Sunday 22 August 1915 – We Lost 895

by greatwarliveslost

Andrew Gillison

Andrew Gillison

Captain Chaplain 4th Class Andrew Gillison is waiting to read the burial service over the bodies of some of the men who have fallen in the attack on Hill 60 when he hears someone groaning in the scrub on the ridge.  He at once calls on Corporal Robert Reginald Pittendrigh, another clergyman, and a man name Wild. The three crawl forward and reach the wounded man and begin to drag him when a Turkish sniper opens fire and severely wounds the two clergymen.  Chaplain Gillsion age 47 dies three hours later while corporal Pittendrigh will die one week later.  Chaplain Gillison’s cousin was killed in April 1915 landing at Gallipoli.

Today’s losses include:

  • A Chaplain
  • Two battalion commanders
  • An England Rugby International
  • A Scotland Rugby International
  • A Harlequins Rugby footballer
  • A Western Suburbs fullback
  • Multiple sons of members of the clergy
  • A son-in-law of a member of the clergy
  • The son of a Bombay Jurist
  • The son of a Justice of the Peace
  • The son-in-law of a Justice of the Peace
  • Multiple families that will lose a second son in the Great War
  • A man who will have two brothers killed in the Great War

 Today’s highlighted casualties are:

  •  Lieutenant Colonel Lionel Arthur Bosanquet (commanding 9th Sherwood Foresters) is killed by machine gun fire in Dead Man’s Gully near Chocolate Hill while leading his regiment with orders to take it at all costs at age 53 on Gallipoli. He is the eldest son of the late Arthur Bosanquet JP of Cleddon Hall, Monmouth and a Judge for the Bombay Presidency.  He is the son-in-law of the Reverend John Erskine Campbell-Colquhoun JP DL of Killermont and Parscadden, Dumbarton. Colonel Bosanquet was gazetted to the Sherwood Foresters in 1883 was promoted Captain in 1892 and Major in 1903. He served in the Tirah Campaign 1897-8, and took part in the operations of the Bazar Valley in the action of Dargai and in the capture of Arhanga and Sanpagha Passes, receiving the medal with two clasps. He retired in 1911. Rejoining his Regiment on the outbreak of the War, he sailed for the Dardanelles in June 1915 as Colonel of the 9th Battalion which he had himself trained.
  • Lieutenant Colonel George Fletcher Broadrick (commanding 6th Border Regiment) is killed at age 45.
  • Captain Frank Cecil Clegg (Border Regiment) is killed in action on Gallipoli at age 27. His older brother has been killed fifteen days earlier while serving in the Lancashire Fusiliers also at Gallipoli.
  • Captain Francis Robert Leslie Lowth (Lancashire Fusiliers) is killed at age 27. His brother will be killed in October 1917.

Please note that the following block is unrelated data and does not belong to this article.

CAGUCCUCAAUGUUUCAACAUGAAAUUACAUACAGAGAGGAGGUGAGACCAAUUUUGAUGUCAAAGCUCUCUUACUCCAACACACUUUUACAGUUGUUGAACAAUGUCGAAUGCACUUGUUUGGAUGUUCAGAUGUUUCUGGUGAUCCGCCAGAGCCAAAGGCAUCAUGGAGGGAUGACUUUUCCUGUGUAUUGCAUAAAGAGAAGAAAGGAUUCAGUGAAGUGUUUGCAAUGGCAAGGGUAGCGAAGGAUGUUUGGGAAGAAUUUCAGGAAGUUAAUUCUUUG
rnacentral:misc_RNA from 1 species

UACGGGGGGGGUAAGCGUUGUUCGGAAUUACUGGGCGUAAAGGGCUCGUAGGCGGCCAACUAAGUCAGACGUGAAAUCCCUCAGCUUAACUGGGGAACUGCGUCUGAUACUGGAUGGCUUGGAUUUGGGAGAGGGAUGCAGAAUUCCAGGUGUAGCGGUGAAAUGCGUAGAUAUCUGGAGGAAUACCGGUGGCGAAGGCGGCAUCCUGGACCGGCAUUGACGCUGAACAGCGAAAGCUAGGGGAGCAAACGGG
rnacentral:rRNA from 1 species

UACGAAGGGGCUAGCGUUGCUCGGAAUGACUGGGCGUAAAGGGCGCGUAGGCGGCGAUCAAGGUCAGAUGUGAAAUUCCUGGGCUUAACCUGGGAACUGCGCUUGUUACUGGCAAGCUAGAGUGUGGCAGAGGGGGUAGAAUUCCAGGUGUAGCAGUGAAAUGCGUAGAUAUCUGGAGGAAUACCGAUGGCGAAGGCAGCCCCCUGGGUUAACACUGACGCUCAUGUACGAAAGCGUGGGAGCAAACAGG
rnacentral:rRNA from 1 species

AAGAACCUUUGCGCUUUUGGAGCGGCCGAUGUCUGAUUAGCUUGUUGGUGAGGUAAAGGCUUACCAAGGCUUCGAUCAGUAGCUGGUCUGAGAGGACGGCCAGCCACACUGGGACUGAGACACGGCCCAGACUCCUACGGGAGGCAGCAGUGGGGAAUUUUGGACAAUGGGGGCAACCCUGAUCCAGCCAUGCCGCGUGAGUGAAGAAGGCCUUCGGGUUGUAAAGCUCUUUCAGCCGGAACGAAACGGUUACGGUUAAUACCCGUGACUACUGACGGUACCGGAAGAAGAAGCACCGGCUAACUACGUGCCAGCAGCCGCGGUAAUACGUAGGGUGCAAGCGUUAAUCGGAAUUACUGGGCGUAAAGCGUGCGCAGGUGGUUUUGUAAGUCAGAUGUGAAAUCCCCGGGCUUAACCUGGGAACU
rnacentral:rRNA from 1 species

• Captain Leonard Robinson (Lancashire Fusiliers) is killed on Gallipoli at age 25. He is the son of the Reverend John Henry Robinson.
  • Captain Roger Francis Draper (York and Lancashire Regiment attached Duke of Wellington’s Regiment) is killed on Gallipoli at age 25. He is the first of three brothers who will be killed in the Great War.
  • Captain Arthur James Dingle (East Yorkshire Regiment) is killed on Gallipoli when shot in the head at age 23. He earned 3 rugby caps for England and was the son of the Reverend Arthur Treharne Dingle Rector of Eaglescliffe who will lose another son in May 1916.
  • Lieutenant William Middleton Wallace (Rifle Brigade attached Royal Flying Corps) is shot down and killed as an observer while engaged in photo reconnaissance at age 22. He was considered one of the best schoolboy athletes of his day and received his Rugby ‘Blue’ for Cambridge. He represented Scotland against England in 1913 and 1914 and also against Wales in 1914.
  • Lieutenant Clarence Ernest Wand Tetley (Lancashire Fusiliers) is killed on Gallipoli at age 26. He gained his Oxford Hockey half blue and played for the Harlequins Rugby 1st XV from 1909-1912.
  • Second Lieutenant Hubert Arthur Hamilton (Canterbury Mounted Rifles) is killed in action at Gallipoli at age 27. He is the son of the Reverend Canon Staples of St Matthew’s Vicarage, St Albans Christchurch.
  • In their advance on Scimitar Hill inland from Suvla Second Lieutenant Thomas Wood Rutherford (Yorkshire Regiment) is killed at age 31. He is the son of ‘Sir’ Robert Rutherford.
  • Lance Sergeant David Shields (Yorkshire Regiment) is also killed at age 40. His brother will be killed in April 1918.
  • Private Isaac Roberts (South Staffordshire Regiment) is killed on Gallipoli. His brother will die on service in October 1918.
  • Private George Duffin (Australian Infantry) is killed on the dawn attach on Hill 60 at age 29 three days after landing on Gallipoli. He was Western Suburbs’ first fullback in 1908.